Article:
Benin detains 10 people in child trafficking probe
COTONOU (Reuters) - Benin has detained 10 people on suspicions of child-trafficking just weeks after a group in neighboring Niger was held for links to a "baby factory" ring, police sources said on Tuesday.
While it was not immediately clear if there was a connection between the two cases, the latest detentions point to the persistence of human trafficking across West Africa.
"There have been around 10 people detained in the civil prison since last week," said Ghislaine Bokovo, director of the Benin police force's central office for child protection.
Bokovo did not give further details of this case, such as the age of the children, citing judicial secrecy for an ongoing investigation.
But she said trafficked children in the region were typically sold either for use in voodoo practices or to crooked adoption agencies.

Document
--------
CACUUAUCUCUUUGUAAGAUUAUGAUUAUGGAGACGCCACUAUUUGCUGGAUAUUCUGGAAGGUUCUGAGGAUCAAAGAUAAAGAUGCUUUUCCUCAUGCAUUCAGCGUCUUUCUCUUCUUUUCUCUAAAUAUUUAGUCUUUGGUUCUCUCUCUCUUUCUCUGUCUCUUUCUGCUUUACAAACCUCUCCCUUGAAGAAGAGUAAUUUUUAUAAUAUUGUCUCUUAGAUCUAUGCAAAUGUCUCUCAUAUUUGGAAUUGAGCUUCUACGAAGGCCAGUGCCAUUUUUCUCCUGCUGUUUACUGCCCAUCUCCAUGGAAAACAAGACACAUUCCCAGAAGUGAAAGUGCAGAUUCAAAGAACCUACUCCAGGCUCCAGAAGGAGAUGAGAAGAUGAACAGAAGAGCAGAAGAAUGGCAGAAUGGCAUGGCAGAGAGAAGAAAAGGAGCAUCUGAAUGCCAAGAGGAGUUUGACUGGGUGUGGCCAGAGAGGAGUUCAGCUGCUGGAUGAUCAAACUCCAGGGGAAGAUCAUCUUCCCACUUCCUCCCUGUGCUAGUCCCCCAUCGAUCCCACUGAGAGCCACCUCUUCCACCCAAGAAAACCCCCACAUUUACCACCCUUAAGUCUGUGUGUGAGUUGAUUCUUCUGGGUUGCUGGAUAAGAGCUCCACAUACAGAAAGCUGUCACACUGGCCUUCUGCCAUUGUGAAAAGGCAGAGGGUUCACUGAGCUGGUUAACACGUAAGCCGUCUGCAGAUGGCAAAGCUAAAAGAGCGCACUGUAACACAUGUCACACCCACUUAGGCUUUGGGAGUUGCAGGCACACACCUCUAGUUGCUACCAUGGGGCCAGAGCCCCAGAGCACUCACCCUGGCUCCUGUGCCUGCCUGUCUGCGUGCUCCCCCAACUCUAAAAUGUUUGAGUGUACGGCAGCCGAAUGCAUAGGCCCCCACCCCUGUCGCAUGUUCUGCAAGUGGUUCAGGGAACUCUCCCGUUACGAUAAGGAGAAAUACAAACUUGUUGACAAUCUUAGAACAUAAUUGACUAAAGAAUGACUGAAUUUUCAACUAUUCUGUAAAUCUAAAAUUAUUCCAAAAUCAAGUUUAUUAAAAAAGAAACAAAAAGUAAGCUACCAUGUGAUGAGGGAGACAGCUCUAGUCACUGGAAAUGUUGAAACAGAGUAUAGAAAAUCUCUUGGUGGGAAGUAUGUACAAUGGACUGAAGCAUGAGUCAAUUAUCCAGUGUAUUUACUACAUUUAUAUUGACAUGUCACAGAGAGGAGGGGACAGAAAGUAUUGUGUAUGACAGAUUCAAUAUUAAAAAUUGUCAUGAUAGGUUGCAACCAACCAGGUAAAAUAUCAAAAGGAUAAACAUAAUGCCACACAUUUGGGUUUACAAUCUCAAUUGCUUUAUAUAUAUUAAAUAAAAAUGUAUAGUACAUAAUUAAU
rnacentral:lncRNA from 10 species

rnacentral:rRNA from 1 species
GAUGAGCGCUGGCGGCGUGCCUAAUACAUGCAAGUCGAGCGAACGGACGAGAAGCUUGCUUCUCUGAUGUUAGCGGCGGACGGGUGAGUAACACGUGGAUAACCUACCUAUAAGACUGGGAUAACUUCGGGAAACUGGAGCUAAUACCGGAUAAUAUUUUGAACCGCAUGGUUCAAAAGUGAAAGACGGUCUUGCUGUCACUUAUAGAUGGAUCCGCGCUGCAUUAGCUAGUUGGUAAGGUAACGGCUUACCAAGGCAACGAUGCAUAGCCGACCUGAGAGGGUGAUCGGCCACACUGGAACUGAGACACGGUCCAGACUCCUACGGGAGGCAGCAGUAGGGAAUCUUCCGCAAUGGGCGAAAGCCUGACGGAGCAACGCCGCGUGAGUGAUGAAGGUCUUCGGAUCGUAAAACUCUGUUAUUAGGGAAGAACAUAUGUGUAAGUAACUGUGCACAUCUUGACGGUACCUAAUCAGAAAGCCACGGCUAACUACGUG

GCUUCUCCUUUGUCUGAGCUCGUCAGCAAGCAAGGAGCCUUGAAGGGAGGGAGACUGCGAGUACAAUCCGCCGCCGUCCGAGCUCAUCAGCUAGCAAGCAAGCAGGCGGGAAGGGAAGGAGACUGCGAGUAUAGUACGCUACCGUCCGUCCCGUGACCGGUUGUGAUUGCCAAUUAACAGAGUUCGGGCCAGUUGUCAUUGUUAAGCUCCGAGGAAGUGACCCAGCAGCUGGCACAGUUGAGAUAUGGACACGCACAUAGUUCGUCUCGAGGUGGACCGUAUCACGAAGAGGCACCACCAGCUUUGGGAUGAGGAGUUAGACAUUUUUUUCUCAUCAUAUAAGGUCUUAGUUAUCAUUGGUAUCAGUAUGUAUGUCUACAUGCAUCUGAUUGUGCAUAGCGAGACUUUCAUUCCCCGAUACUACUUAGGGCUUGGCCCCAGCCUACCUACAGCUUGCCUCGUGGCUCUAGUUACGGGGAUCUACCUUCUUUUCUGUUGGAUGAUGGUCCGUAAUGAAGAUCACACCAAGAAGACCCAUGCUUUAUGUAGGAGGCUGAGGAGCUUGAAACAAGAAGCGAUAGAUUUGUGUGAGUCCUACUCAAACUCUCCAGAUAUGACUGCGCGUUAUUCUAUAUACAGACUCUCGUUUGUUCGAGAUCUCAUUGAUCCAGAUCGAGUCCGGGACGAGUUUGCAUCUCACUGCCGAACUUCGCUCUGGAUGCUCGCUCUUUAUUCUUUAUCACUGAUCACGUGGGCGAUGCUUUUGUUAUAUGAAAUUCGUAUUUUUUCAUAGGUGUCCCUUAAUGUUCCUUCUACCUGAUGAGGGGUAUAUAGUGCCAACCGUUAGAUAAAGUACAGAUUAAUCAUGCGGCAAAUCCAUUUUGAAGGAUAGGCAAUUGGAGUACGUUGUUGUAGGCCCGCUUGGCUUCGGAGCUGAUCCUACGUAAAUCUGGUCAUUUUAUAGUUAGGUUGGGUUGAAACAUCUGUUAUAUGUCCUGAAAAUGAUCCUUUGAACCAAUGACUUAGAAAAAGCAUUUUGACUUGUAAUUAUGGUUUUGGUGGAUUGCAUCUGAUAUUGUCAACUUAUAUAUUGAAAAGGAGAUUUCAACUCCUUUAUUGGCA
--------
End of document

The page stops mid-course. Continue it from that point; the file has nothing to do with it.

Martial Degbessou, from the Porto-Novo police division, said people operating in trafficking networks often purported to be holding children on behalf of a nongovernmental organization.
He said his division was familiar with the problem of child sales since his town is a stopover point for traffickers on the way to next-door Nigeria.
"Once they (the children) arrive in Nigeria, they are sold at a very high price, often between 20 million CFA Francs ($41,000) and 30 million CFA Francs ($62,000) per child," he said in a telephone interview on Tuesday.
Authorities in Niger have detained 17 people, including wives of senior politicians, after an investigation by Niger's police into 30 people suspected of acquiring new-born babies from "baby factories" in Nigeria, two legal sources said last month.
- Exclusive: Angry with Washington, 1 in 4 Americans open to secession
- Secret Service investigates after man jumps White House fence, reaches doors
- French jets strike in Iraq, expanding U.S.-led campaign against Islamic State |
- Scots spurn independence in historic vote, devolution battle begins |
- Thousands of Syrian Kurds flee to Turkey as Islamic State advances |